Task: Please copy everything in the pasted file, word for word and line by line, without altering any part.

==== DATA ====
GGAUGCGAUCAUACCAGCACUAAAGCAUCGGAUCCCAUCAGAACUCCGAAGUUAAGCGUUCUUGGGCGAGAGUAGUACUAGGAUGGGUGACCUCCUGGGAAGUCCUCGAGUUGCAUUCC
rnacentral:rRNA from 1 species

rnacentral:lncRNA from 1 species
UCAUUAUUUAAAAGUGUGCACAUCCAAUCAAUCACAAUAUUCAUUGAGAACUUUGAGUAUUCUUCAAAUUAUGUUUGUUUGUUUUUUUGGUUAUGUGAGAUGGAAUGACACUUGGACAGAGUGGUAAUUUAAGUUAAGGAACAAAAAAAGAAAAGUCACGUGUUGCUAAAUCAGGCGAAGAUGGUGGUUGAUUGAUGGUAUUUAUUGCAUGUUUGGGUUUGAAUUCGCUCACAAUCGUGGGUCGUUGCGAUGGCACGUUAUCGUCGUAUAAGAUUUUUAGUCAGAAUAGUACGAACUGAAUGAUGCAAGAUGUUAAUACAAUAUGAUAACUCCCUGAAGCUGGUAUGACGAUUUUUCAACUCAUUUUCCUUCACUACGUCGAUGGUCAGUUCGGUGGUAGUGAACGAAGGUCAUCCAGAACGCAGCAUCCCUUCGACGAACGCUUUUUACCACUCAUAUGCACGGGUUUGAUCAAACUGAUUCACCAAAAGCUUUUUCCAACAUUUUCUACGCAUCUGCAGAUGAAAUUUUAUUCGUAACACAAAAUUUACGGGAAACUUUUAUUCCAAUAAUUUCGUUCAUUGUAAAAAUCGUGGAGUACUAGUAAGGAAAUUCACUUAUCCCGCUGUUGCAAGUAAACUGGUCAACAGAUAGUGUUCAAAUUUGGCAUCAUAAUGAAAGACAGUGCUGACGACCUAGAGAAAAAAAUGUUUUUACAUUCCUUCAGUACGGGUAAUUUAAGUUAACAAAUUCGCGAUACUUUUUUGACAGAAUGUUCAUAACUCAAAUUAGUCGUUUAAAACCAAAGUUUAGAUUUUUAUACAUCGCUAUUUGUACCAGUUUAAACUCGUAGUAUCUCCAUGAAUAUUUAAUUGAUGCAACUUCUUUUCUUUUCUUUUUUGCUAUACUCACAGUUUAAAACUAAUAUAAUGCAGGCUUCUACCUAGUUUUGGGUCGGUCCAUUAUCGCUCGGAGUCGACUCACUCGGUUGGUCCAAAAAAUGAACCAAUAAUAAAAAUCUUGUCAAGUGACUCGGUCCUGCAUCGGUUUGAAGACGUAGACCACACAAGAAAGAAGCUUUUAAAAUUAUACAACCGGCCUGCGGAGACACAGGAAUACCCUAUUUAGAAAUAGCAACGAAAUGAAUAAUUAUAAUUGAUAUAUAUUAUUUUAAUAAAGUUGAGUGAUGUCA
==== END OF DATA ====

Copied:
GGAUGCGAUCAUACCAGCACUAAAGCAUCGGAUCCCAUCAGAACUCCGAAGUUAAGCGUUCUUGGGCGAGAGUAGUACUAGGAUGGGUGACCUCCUGGGAAGUCCUCGAGUUGCAUUCC
rnacentral:rRNA from 1 species

rnacentral:lncRNA from 1 species
UCAUUAUUUAAAAGUGUGCACAUCCAAUCAAUCACAAUAUUCAUUGAGAACUUUGAGUAUUCUUCAAAUUAUGUUUGUUUGUUUUUUUGGUUAUGUGAGAUGGAAUGACACUUGGACAGAGUGGUAAUUUAAGUUAAGGAACAAAAAAAGAAAAGUCACGUGUUGCUAAAUCAGGCGAAGAUGGUGGUUGAUUGAUGGUAUUUAUUGCAUGUUUGGGUUUGAAUUCGCUCACAAUCGUGGGUCGUUGCGAUGGCACGUUAUCGUCGUAUAAGAUUUUUAGUCAGAAUAGUACGAACUGAAUGAUGCAAGAUGUUAAUACAAUAUGAUAACUCCCUGAAGCUGGUAUGACGAUUUUUCAACUCAUUUUCCUUCACUACGUCGAUGGUCAGUUCGGUGGUAGUGAACGAAGGUCAUCCAGAACGCAGCAUCCCUUCGACGAACGCUUUUUACCACUCAUAUGCACGGGUUUGAUCAAACUGAUUCACCAAAAGCUUUUUCCAACAUUUUCUACGCAUCUGCAGAUGAAAUUUUAUUCGUAACACAAAAUUUACGGGAAACUUUUAUUCCAAUAAUUUCGUUCAUUGUAAAAAUCGUGGAGUACUAGUAAGGAAAUUCACUUAUCCCGCUGUUGCAAGUAAACUGGUCAACAGAUAGUGUUCAAAUUUGGCAUCAUAAUGAAAGACAGUGCUGACGACCUAGAGAAAAAAAUGUUUUUACAUUCCUUCAGUACGGGUAAUUUAAGUUAACAAAUUCGCGAUACUUUUUUGACAGAAUGUUCAUAACUCAAAUUAGUCGUUUAAAACCAAAGUUUAGAUUUUUAUACAUCGCUAUUUGUACCAGUUUAAACUCGUAGUAUCUCCAUGAAUAUUUAAUUGAUGCAACUUCUUUUCUUUUCUUUUUUGCUAUACUCACAGUUUAAAACUAAUAUAAUGCAGGCUUCUACCUAGUUUUGGGUCGGUCCAUUAUCGCUCGGAGUCGACUCACUCGGUUGGUCCAAAAAAUGAACCAAUAAUAAAAAUCUUGUCAAGUGACUCGGUCCUGCAUCGGUUUGAAGACGUAGACCACACAAGAAAGAAGCUUUUAAAAUUAUACAACCGGCCUGCGGAGACACAGGAAUACCCUAUUUAGAAAUAGCAACGAAAUGAAUAAUUAUAAUUGAUAUAUAUUAUUUUAAUAAAGUUGAGUGAUGUCA